Employees need help changing their retirement mindset, says Ric Edelman, chairman and CEO of Edelman Financial Services. A combination of factors - including a misunderstanding of exponential growth and its effect on compounding interest - have led workers to short-term planning that can be deadly to 401(k)s and other defined contribution plans.
Edelman, author of titles including "Ordinary People, Extraordinary Wealth" and "Rescue Your Money," says that, despite what we've been taught to believe, working hard can only make you successful in your career, not in your finances.
"You are incapable of saving enough money to meet your needs," Edelman says. "That's the bad news. The good news is you don't have to. ... What we don't teach in our schools, in our universities, is how to make money with the money they've made."
Edelman says he often speaks with plan participants in their 50s who are worried about the growth of their plans. Wait another 10 years, he tells them, and you won't believe what compounded interest can do; exponential growth will save you, you just have to give it long enough.
"What people don't understand is the astonishing element of growing money and how it grows," Edelman says. "They think money grows duplicatively; they think money grows linearly, because we're used to counting one, two, three, four, five, but that's not how money grows. ... When someone asks, 'When can I retire?' I always say the same thing - 30 years after you start saving for it."
Worse are savers who constantly monitor their funds' growth (Edelman advises turning off features that allow constant check-in on nest eggs), celebrating minor successes and lamenting insignificant setbacks.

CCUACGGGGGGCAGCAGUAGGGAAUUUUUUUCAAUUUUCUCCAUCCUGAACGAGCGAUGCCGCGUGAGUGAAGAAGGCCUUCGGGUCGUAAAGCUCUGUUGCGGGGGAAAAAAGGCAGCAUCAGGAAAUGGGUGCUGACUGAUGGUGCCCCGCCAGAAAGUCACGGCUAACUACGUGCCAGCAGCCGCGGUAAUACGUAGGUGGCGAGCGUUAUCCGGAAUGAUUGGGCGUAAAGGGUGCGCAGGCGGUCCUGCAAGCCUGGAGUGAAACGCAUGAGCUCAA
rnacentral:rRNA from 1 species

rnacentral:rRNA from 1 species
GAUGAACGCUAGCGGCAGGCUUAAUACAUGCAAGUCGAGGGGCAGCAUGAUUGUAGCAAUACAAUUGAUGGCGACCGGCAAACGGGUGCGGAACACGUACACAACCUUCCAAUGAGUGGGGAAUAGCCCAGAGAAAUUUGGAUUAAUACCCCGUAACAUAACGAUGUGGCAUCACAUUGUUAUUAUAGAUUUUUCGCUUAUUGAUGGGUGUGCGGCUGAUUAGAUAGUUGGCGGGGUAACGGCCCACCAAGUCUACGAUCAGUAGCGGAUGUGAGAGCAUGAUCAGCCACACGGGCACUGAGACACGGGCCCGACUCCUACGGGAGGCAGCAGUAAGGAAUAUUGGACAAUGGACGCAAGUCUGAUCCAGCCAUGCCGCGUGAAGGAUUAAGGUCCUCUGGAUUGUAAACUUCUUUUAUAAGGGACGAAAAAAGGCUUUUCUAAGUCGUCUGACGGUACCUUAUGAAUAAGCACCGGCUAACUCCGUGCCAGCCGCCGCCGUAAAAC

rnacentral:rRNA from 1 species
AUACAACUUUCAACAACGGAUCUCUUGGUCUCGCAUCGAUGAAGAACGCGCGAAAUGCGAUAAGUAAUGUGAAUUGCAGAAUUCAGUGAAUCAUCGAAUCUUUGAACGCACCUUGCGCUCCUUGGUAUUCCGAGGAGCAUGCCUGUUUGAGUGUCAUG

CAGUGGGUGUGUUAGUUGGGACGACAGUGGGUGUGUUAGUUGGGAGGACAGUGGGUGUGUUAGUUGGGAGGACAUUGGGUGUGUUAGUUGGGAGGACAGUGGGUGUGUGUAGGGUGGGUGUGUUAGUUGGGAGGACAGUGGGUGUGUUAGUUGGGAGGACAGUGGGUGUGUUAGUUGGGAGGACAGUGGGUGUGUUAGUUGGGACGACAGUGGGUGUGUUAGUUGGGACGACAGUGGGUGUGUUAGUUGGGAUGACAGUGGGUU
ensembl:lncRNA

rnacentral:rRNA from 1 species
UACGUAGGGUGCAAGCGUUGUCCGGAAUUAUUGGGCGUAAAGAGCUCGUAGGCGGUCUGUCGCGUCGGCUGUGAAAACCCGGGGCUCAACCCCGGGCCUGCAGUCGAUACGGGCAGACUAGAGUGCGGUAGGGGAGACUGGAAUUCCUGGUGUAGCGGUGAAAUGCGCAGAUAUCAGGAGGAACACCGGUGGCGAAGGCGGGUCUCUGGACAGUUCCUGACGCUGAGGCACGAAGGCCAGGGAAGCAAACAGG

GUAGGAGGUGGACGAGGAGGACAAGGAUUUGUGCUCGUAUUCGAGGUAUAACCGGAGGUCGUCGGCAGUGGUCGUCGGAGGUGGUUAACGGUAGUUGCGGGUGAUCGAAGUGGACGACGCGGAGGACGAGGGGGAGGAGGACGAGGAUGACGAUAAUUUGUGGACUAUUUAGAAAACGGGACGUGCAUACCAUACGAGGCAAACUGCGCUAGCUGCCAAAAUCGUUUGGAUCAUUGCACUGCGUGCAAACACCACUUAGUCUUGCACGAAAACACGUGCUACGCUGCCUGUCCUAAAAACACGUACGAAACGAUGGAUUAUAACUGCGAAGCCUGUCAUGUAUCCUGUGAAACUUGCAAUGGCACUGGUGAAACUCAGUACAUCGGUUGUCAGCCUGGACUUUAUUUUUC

"When a farmer plants a seed," Edelman says, "he doesn't come back out the next day and dig up the seed to see how it's doing."
Employees must be encouraged to take the long view. Checking investments online during the day, checking monthly statements - these are distractions. If you don't plan to withdraw your investment after a month, why do you care how it does over a month? Over-informing investors leads to the same short-term thinking Edelman says leads participants to buying when the market is high and selling when it's low.
"And this is what we saw throughout 2008 and 2009," he says. "Half a trillion dollars was withdrawn from the stock market in 2009, 2010, 2011. After the market fell and people saw how much they lost - that's when they sold. ... Saving for your retirement is for 10, 20, 30 years from now, and we need to act accordingly.
"In the past 10 years, from 2003 to 2013, the stock market has been open for business 2,517 days. If you were invested those entire 10 years, your average annual return would have been 5% per year. But if you missed the six days out of the past 10 years - six days out of the 2,500 - that were the best-performing days of the decade, what would your return have been? It would have been zero. The entire profit of the S&P 500 over the past 10 years was produced in six days."
If employees missed those six days they'd miss out on a decade of stock profit. Investors need to think of retirement as a lifelong goal, not a quick turnaround, says Edelman.
In addition to understanding monetary growth and adopting long-term thinking, Edelman says participants need to follow that old one-word adage: diversify. "The best approach is to invest everywhere all the time," Edelman says.
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